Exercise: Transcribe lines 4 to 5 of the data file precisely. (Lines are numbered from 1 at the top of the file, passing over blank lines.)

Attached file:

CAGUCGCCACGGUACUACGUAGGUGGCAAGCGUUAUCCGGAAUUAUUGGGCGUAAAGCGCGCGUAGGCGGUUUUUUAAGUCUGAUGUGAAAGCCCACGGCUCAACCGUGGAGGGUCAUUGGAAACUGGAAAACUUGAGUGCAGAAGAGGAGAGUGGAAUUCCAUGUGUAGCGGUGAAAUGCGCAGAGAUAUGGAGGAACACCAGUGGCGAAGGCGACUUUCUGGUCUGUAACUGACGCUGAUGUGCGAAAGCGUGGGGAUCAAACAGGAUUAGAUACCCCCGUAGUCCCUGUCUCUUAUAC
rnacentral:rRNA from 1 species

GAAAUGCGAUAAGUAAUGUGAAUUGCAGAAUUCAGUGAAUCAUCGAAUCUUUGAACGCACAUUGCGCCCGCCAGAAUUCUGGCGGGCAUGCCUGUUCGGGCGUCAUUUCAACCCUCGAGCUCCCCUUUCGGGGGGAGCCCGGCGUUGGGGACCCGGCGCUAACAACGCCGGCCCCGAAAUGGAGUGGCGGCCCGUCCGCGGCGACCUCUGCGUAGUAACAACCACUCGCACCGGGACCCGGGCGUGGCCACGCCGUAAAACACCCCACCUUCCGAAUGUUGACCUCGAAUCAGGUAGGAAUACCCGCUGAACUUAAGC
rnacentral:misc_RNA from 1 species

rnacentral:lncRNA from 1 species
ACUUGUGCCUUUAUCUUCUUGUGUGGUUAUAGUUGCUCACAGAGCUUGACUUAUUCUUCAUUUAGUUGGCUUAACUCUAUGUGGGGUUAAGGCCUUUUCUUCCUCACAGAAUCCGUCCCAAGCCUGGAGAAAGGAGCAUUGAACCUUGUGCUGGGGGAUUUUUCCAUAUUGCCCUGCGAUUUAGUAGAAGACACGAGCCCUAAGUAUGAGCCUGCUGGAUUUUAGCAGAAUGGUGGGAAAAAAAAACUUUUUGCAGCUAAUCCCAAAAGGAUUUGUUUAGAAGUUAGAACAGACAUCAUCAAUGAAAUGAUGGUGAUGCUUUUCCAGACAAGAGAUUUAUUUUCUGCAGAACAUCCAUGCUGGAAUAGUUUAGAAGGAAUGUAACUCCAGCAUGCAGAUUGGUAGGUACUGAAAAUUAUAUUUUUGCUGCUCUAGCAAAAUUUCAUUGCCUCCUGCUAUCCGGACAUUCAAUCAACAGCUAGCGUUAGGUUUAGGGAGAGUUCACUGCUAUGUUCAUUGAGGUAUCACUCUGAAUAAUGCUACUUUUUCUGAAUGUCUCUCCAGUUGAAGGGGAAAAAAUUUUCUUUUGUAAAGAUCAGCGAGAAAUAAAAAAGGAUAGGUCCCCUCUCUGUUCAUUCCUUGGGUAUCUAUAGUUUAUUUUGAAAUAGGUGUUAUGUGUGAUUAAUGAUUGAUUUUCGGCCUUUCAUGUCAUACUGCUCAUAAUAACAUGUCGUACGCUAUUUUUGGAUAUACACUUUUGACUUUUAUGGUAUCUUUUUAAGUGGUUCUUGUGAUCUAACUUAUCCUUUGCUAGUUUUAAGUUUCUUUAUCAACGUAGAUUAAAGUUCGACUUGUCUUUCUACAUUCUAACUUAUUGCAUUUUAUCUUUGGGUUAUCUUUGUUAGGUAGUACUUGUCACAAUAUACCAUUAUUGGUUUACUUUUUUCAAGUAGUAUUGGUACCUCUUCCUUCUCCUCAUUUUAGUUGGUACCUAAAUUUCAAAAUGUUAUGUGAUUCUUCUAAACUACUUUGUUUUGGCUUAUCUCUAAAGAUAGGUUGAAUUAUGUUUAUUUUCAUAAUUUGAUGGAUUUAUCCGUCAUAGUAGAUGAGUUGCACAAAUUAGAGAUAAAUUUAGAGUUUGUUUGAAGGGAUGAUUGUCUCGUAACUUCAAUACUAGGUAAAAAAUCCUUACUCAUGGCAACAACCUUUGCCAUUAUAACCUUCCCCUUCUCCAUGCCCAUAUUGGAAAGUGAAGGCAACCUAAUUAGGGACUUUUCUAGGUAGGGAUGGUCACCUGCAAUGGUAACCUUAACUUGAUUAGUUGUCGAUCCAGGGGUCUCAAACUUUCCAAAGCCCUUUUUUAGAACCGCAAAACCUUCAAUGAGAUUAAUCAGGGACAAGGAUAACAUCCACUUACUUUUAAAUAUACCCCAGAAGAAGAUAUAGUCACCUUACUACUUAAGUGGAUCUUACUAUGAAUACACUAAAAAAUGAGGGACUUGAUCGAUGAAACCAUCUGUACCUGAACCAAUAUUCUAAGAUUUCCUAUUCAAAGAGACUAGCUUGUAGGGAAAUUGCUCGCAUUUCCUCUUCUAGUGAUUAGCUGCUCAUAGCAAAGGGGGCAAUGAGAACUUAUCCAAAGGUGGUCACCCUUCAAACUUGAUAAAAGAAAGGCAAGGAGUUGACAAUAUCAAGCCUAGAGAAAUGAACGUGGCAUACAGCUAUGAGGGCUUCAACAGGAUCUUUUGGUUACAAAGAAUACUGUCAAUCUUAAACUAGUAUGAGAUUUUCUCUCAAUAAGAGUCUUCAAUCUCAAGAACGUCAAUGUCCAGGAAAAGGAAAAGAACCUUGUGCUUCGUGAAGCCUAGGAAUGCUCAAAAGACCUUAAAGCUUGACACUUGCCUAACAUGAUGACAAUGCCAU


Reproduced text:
rnacentral:misc_RNA from 1 species

rnacentral:lncRNA from 1 species